The Best Yes Volunteer and County Fair Experience
This past spring, I hosted a six-week book study on "The Best Yes" by Lysa TerKeurst. I'm not going to go into many details about the book but it encouraged me to give my best yes to my family, faith, work, business, friends and volunteer efforts...
This past spring, I hosted a six-week book study on "The Best Yes" by Lysa TerKeurst. I'm not going to go into many details about the book but it encouraged me to give my best yes to my family, faith, work, business, friends and volunteer efforts. Like many areas in my life, it's a work in progress.
The book also taught me about the "small no" response. Think of it as a chalkboard: You might need to say no for now, but as your circumstances allow, you can erase that response and turn it into a yes.
Sometimes I don't say no enough. Other times, I have a lousy attitude, which means I'm not giving my best yes. It's a yo-yo struggle that involves time management and using my skills to best serve where I can and should.
A recent best yes moment came when a local fair board volunteer texted to ask if my husband and I would be willing to work a shift supervising the rides at our county fair. Our county fair is unique in that it is solely managed, maintained and operated by our fair board, which includes the carnival rides. We don't hire a traveling carnival.
As I read the text, I thought about our looming fair schedule. "No" seemed like an easy answer.
Our daughter Elizabeth was busy finishing up numerous static projects for her first fair as a 4-H member. We would need to be available to help her at 4-H Achievement Day. We were already signed up to sell raffle tickets for a preschool fundraiser on Saturday afternoon. I had already volunteered to help make sandwiches for the livestock show. To top it off, I almost forgot to sign up Elizabeth for the 4-H archery meet; thankfully, I remembered the day before the deadline.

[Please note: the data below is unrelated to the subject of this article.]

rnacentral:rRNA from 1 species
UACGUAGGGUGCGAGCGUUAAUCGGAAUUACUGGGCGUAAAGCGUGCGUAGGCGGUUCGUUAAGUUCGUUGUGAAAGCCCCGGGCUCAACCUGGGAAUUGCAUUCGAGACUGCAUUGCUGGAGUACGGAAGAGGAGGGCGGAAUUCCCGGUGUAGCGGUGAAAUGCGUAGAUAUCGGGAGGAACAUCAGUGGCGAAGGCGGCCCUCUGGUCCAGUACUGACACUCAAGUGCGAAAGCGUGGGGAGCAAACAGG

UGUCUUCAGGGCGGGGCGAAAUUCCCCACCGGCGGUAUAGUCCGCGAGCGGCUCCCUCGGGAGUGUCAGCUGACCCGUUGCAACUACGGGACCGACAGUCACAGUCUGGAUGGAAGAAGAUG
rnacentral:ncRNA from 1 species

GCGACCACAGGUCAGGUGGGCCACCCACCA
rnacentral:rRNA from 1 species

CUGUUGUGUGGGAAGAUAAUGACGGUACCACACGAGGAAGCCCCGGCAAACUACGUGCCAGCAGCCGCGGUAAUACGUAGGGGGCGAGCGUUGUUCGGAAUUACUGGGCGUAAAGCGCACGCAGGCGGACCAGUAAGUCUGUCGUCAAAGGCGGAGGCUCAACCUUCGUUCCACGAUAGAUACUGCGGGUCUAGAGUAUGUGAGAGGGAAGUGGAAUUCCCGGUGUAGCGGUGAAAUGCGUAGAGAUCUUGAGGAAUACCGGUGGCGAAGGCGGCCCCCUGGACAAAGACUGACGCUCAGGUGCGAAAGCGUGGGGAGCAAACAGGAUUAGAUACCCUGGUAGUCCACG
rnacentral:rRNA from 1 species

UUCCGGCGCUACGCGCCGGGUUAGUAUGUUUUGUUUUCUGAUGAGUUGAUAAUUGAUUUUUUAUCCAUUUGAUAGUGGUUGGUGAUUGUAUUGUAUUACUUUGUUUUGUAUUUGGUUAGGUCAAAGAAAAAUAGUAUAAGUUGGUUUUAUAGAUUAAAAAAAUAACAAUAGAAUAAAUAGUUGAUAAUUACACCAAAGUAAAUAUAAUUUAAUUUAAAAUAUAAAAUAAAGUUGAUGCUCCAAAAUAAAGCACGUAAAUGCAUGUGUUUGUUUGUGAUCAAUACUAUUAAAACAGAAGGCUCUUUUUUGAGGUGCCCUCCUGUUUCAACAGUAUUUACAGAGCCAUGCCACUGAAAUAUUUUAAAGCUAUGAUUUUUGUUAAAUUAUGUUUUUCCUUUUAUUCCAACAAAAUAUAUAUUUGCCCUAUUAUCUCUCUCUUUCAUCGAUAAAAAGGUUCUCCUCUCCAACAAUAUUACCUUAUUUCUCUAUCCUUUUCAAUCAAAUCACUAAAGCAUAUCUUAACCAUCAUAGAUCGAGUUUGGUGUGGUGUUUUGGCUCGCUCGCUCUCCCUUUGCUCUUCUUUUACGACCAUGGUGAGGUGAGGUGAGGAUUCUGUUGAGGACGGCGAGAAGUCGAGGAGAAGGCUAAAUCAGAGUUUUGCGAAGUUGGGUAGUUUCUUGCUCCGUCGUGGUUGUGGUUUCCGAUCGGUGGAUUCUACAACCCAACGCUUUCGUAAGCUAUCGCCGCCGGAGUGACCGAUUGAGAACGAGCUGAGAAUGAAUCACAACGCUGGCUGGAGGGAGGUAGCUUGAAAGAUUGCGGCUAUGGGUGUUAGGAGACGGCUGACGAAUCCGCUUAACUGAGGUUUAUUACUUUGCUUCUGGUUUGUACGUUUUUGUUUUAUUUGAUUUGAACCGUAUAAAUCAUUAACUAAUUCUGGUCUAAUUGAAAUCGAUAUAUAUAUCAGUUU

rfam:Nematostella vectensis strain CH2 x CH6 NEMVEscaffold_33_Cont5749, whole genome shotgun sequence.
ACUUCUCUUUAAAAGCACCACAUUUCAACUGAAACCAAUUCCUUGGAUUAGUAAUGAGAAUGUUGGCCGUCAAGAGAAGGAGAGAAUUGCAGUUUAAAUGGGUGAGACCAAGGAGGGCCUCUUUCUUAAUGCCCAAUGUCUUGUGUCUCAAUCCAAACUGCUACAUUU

Would a "small no" really matter this year? When I asked my husband, Nathan, who's usually not as enthusiastic as me, he said: "Sure! Friday night we can from 6 to 9 p.m. We always work rides then."
There was no hesitation or "small no." We would take our shift being carnies.
I was stressed the week leading up to the fair between work and mom-life responsibilities. Nothing earth shatteringly, just a full plate. I made a list of everything we had to accomplish. I shared about my stress with my husband, who recommended I get more sleep. I took his advice.
After a little more sleep, I tackled each task with my best yes.
The fair proved to be our most memorable yet. My parents and in-laws had several opportunities to spend time with our kids. We stayed in our campers at the lake 7 miles from our home when we weren't at the fair. By Saturday night, our commitments were fulfilled and our to-do list was all checked off.
We attended the Saturday night ranch rodeo as a family, and on Sunday we went to the ecumenical church service, soup and sandwich lunch and open livestock show.
By Sunday night I was tired but renewed. I told Nathan, "I needed the fair this year and the fair needed me." I learned from the experience I need to keep honing my scheduling skills and not overcommit myself. I learned sometimes the best way to unwind is to say yes and attend events as a family or just spend unstructured time together.
Early Monday, after the fair activities, rain fell across our drought-stricken prairie for the first time in a month. I laid awake listening to the glorious sound of rain pelting the camper. I reflected on the previous week's activities and the many people I interacted with at the county fair. If I had said no I would have missed out on experiencing what I love most about rural America.
Choosing to give your best yes requires commitment. There are organizations that need you to give your best yes. There are people who need you. And you need to be involved as well. You'll miss out on who knows what if you don't step out and give your best yes.